by Mark T. Sampson
December 13, 2004
Anti-inflammatory compounds have been found in a wide variety of plant species, but this is believed to be the first time that they've been identified in a species that is used commonly for Christmas trees, the researchers say. The compounds identified were phenolics, a class of highly-active plant chemicals that have been increasingly tied to beneficial health effects. The study is scheduled to appear in the Dec. 29 print issue of the Journal of Agricultural and Food Chemistry, a peer-reviewed publication of the American Chemical Society, the world's largest scientific society.
"The preliminary study showed that highly purified preparations of pine bark extract have potent anti-inflammatory effects. In the future, this may mean that people with arthritis may ease their pain by eating food supplements made from Christmas trees," says study leader Kalevi Pihlaja, Ph.D., a chemistry professor at the University of Turku in Finland. He cautions that the extract used in this study has not yet been tested in animals or humans. Until those studies are done, he adds, no one knows how much might be needed to obtain health benefits or whether there are any side-effects.
Pine bark extract has been used worldwide for many years as folk medicine, both orally and topically, to treat a variety of health conditions ranging from wounds to coughs. Recent research by others, including some human studies, shows that the extract has the potential to relieve high blood pressure, asthma, heart disease and skin cancer. The new study may help provide an explanation for some of its alleged health benefits, Pihlaja says.
As part of a larger search for healthy compounds in plants that might be used to develop functional food products or nutraceuticals, the researchers studied several different preparations of pine bark extract taken from the Scotch pine (Pinus sylvestris) and identified up to 28 compounds, some of which showed high biological activity.
The researchers then tested the various extracts against mouse inflammatory cells (macrophages) for their ability to produce nitric oxide and prostaglandin E2 (PGE2), chemicals which are known to help trigger inflammation when they are produced in excess amounts, as during disease or injury. The results were then compared to the chemical responses of inflammatory cells that were not exposed to pine bark extracts.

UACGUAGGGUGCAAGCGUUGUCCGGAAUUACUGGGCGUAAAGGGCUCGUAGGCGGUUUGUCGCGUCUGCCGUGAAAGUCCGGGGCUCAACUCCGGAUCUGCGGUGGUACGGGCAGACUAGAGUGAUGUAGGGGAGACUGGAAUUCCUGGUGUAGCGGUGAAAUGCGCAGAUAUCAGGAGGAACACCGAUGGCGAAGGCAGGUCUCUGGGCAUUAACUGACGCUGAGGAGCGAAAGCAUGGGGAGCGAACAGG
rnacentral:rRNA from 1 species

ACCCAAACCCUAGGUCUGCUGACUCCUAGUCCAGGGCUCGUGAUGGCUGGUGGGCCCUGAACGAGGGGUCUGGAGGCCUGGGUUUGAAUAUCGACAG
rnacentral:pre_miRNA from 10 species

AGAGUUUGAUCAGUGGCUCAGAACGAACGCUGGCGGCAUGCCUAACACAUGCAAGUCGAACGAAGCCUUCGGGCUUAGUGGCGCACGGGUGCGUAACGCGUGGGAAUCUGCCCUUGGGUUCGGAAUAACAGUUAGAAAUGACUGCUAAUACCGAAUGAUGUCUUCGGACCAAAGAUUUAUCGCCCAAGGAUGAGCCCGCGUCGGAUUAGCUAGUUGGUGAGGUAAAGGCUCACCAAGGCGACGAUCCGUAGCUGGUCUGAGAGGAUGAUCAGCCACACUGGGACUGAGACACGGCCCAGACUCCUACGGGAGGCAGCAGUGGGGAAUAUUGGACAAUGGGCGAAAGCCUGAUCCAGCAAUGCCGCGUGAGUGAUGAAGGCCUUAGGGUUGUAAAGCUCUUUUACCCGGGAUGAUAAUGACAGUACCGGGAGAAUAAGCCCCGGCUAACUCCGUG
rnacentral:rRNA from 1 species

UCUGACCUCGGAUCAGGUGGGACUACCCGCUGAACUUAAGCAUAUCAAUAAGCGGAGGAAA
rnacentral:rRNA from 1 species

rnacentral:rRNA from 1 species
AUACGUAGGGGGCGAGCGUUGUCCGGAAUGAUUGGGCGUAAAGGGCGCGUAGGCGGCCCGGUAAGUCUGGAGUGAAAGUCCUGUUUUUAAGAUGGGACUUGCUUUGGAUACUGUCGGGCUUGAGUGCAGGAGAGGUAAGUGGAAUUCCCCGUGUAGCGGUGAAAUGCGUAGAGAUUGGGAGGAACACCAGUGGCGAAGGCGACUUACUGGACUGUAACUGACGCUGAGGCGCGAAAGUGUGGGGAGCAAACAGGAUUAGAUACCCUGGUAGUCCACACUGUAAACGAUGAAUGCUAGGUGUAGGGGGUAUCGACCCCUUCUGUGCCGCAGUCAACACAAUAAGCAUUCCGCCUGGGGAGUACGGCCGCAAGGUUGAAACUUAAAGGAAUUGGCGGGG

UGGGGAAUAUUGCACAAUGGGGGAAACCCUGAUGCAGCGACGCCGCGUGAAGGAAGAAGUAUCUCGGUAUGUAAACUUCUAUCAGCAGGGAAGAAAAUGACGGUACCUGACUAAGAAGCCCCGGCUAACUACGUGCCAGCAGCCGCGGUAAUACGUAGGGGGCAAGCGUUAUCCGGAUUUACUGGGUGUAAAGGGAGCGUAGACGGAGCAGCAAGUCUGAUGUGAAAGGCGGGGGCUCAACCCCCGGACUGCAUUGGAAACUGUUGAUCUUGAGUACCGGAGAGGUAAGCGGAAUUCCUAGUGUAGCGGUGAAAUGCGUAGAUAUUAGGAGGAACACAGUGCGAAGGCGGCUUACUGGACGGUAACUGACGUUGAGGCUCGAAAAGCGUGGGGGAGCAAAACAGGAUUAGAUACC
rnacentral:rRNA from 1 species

The researchers found that the most highly purified extract tested had the most potent anti-inflammatory activity. The extract (at 50 µg/mL concentration level) inhibited nitric oxide production, an excess of which has been linked to arthritis and circulatory problems, by up to 63 percent, they say. Likewise, they found that the same extract concentration inhibited prostaglandin production, an excess of which has been linked to arthritis and pain, by up to 77 percent.
The extract inhibited prostaglandin E2 production probably by blocking COX-2 enzyme activity, which is normally enhanced during inflammatory responses, according to the scientists. Blocking this enzyme is the basis for some widely used arthritis medications.
It is not known how the compounds in the extract compare to anti-inflammatory agents that are already on the market. Some of the phenolic compounds identified in the extract are already familiar to scientists as potent disease-fighting antioxidants, but there are other compounds present in the extract that have not yet been characterized, the researchers say.
The extract did not appear to show any signs of cell toxicity in the current study. But don't try to brew your own pine bark remedy at home, Pihlaja and his associates warn, as further studies are needed to ensure the safety of its components.
The National Technology Agency of Finland provided funding for this study.
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